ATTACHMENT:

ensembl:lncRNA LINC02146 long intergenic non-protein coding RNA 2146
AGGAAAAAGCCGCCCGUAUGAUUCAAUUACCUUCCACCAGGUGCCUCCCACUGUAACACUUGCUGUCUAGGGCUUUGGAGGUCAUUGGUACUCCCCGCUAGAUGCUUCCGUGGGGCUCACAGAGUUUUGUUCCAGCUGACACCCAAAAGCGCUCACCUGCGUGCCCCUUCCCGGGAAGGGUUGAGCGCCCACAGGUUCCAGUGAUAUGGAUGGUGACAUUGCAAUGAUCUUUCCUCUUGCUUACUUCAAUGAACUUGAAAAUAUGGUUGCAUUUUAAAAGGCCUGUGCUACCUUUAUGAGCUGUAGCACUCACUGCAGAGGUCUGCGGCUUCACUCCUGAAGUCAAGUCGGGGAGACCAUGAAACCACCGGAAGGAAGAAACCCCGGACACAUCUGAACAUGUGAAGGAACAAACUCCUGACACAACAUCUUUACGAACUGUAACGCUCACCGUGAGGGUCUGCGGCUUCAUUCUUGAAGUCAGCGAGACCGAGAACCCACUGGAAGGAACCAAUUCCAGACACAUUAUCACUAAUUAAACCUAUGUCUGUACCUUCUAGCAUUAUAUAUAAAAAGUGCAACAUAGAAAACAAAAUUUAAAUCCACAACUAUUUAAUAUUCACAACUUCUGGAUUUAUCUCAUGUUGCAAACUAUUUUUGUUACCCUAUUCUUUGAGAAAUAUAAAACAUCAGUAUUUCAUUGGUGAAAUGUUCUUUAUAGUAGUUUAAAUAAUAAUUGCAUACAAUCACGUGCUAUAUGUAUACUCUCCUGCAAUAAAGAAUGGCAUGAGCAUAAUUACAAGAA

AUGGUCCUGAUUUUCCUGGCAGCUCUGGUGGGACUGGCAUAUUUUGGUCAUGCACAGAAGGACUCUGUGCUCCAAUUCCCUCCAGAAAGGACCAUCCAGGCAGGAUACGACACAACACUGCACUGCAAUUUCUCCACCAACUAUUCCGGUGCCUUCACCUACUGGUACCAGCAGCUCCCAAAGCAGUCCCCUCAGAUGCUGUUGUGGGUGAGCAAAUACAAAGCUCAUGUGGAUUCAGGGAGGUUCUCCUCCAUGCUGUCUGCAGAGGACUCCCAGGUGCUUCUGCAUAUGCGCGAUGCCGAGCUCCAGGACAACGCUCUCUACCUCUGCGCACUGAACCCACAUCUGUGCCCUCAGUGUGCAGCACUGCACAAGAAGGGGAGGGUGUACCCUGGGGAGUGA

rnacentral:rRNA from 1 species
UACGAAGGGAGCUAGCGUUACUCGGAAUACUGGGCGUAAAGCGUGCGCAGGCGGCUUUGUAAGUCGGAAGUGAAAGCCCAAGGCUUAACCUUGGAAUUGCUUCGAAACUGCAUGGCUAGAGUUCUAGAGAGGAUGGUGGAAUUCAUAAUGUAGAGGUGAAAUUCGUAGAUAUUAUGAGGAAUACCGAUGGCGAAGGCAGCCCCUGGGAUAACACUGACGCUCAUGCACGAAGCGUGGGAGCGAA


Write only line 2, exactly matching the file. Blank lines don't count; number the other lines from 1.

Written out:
AGGAAAAAGCCGCCCGUAUGAUUCAAUUACCUUCCACCAGGUGCCUCCCACUGUAACACUUGCUGUCUAGGGCUUUGGAGGUCAUUGGUACUCCCCGCUAGAUGCUUCCGUGGGGCUCACAGAGUUUUGUUCCAGCUGACACCCAAAAGCGCUCACCUGCGUGCCCCUUCCCGGGAAGGGUUGAGCGCCCACAGGUUCCAGUGAUAUGGAUGGUGACAUUGCAAUGAUCUUUCCUCUUGCUUACUUCAAUGAACUUGAAAAUAUGGUUGCAUUUUAAAAGGCCUGUGCUACCUUUAUGAGCUGUAGCACUCACUGCAGAGGUCUGCGGCUUCACUCCUGAAGUCAAGUCGGGGAGACCAUGAAACCACCGGAAGGAAGAAACCCCGGACACAUCUGAACAUGUGAAGGAACAAACUCCUGACACAACAUCUUUACGAACUGUAACGCUCACCGUGAGGGUCUGCGGCUUCAUUCUUGAAGUCAGCGAGACCGAGAACCCACUGGAAGGAACCAAUUCCAGACACAUUAUCACUAAUUAAACCUAUGUCUGUACCUUCUAGCAUUAUAUAUAAAAAGUGCAACAUAGAAAACAAAAUUUAAAUCCACAACUAUUUAAUAUUCACAACUUCUGGAUUUAUCUCAUGUUGCAAACUAUUUUUGUUACCCUAUUCUUUGAGAAAUAUAAAACAUCAGUAUUUCAUUGGUGAAAUGUUCUUUAUAGUAGUUUAAAUAAUAAUUGCAUACAAUCACGUGCUAUAUGUAUACUCUCCUGCAAUAAAGAAUGGCAUGAGCAUAAUUACAAGAA